Before the summit, European members of the Group of Eight major economies will meet separately, diplomats said, in an apparent effort to coordinate positions towards Russia, due to host the next G8 summit in Olympic venue Sochi in June.
They have so far stopped participating in preparatory meetings and Canada has said G7 countries may meet soon without Russia.
The crisis began in November when Ukrainian President Viktor Yanukovich, under strong Russian pressure, turned his back on a far reaching trade deal with the EU and accepted a $15billion bailout from Moscow. That prompted three months of street protests leading to the overthrow of Yanukovich on Feb. 22.
Moscow denounced the events as an illegitimate coup and refused to recognise the new Ukrainian authorities.
Russia kept the door ajar for more diplomacy on its own terms, announcing on Thursday a meeting of former Soviet states in the Commonwealth of Independent States (CIS), including Ukraine, for April 4 and saying it would be preceded by contacts between Russian and Ukrainian diplomats.
Pro-Ukrainian demonstrators hold banners and shout slogans during a rally in Simferopol
Crimea's vice premier, Rustam Temirgaliev, said a referendum on whether the region would join Russia would take place on March 16, it was reported today. Right, a pro-Ukrainian demonstrator in Crimea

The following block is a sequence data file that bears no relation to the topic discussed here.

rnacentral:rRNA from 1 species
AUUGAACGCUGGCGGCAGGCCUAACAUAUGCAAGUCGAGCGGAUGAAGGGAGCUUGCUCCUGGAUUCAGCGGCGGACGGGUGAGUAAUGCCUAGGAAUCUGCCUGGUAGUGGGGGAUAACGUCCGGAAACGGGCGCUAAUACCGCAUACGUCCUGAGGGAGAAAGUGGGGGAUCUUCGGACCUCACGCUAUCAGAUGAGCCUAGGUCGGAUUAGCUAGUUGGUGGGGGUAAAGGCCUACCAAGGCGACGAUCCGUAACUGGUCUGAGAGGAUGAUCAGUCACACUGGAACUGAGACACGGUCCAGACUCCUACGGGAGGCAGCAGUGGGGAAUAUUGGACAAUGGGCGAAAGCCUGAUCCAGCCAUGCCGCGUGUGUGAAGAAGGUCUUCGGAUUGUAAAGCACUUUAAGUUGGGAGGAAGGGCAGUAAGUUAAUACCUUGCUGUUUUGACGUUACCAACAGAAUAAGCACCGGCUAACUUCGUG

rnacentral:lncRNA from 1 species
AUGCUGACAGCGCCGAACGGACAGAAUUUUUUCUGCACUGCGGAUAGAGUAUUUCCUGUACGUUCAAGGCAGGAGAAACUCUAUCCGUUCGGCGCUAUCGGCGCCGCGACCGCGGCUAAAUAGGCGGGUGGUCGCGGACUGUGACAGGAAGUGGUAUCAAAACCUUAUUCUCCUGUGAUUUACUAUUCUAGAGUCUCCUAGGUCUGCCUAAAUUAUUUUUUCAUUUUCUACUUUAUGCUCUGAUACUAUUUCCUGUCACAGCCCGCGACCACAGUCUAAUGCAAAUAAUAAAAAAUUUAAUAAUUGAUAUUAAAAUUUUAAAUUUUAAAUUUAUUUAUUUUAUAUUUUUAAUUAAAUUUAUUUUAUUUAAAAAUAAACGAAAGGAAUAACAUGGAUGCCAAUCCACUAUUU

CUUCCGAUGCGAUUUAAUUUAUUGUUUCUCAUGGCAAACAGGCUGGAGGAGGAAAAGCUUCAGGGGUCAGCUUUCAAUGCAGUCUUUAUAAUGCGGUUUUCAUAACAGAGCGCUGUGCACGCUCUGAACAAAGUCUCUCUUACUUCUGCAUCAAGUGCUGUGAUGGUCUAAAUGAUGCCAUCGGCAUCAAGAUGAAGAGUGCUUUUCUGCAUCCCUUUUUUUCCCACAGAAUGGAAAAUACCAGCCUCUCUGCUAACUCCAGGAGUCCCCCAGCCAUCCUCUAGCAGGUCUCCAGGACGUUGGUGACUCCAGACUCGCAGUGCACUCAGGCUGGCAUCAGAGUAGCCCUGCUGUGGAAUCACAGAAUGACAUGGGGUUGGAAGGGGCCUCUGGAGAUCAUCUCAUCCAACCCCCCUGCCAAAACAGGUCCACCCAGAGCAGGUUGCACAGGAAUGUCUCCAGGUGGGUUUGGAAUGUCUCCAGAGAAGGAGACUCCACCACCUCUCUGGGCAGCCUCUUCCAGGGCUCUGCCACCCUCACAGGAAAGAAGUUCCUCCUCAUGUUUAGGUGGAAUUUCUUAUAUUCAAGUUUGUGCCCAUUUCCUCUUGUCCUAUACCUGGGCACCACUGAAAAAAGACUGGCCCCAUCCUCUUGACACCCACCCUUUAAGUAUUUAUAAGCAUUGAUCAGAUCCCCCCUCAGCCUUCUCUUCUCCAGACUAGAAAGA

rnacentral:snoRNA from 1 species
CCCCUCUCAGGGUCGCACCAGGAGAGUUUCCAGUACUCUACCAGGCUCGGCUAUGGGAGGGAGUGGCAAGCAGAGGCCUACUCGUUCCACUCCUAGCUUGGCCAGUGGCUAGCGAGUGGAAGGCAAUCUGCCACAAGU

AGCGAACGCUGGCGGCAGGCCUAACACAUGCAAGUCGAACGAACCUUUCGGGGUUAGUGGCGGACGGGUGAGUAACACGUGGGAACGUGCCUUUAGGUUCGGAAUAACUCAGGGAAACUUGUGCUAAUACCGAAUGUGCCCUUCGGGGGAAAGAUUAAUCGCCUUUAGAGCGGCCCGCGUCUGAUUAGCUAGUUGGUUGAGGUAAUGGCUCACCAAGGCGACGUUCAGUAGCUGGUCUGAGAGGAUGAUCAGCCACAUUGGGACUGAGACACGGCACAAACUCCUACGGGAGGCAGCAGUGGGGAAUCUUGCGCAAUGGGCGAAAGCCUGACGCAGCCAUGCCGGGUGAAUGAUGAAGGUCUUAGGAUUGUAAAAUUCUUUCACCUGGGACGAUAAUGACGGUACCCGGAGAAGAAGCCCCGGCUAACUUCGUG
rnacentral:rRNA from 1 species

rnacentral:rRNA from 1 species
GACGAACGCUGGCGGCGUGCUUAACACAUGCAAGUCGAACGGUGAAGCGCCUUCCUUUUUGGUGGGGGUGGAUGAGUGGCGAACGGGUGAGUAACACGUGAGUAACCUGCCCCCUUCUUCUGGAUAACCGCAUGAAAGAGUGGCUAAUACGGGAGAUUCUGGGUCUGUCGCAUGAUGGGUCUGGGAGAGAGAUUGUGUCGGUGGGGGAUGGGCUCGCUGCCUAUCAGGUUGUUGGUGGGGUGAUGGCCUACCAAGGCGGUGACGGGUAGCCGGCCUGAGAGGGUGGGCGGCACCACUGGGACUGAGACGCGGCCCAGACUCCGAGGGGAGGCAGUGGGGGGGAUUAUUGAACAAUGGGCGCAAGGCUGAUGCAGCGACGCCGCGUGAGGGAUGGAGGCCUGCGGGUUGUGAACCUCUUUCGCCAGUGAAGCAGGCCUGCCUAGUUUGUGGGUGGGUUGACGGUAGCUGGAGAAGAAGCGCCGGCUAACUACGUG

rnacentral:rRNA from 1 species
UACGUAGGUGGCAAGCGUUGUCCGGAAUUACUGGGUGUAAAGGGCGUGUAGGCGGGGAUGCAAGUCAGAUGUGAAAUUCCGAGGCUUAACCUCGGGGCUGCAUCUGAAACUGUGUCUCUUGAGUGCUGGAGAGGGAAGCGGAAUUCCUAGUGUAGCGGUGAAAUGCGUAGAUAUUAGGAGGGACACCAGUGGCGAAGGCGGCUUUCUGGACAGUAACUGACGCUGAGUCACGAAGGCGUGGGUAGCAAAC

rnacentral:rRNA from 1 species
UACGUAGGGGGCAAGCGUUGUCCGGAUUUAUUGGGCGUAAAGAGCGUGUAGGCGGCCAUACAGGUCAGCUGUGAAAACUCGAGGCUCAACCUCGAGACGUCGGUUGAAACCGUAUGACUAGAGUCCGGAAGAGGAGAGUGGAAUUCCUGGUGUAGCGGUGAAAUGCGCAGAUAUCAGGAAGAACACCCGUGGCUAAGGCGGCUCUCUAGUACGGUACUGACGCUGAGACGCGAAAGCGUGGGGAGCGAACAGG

Lavrov said attempts by Western countries to take action over the Ukraine crisis via democracy watchdog OSCE and the NATO military alliance were not helpful.
In a move that may alarm some of Russia's neighbours and the West, Russian Prime Minister Dmitry Medvedev announced steps to ease handing out passports to native Russian speakers who have lived in Russia or the former Soviet Union.
U.S. WARSHIP HEADS TO BLACK SEA
The USS Truxtun, a U.S. Navy guided-missile destroyer, is heading to the Black Sea where it will conduct training with Bulgarian and Romanian naval forces that was scheduled long before the crisis in Ukraine, the Navy said today.
'While in the Black Sea, the ship will conduct a port visit and routine, previously planned exercises with allies and partners in the region,' the Navy said in a statement.
'Truxtun's operations in the Black Sea were scheduled well in advance of her departure from the United States.'
The ship is part of an aircraft carrier strike group that deployed from the United States in mid-February.
Putin has cited the threat to Russian citizens to justify military action in both Georgia in 2008 and Ukraine now.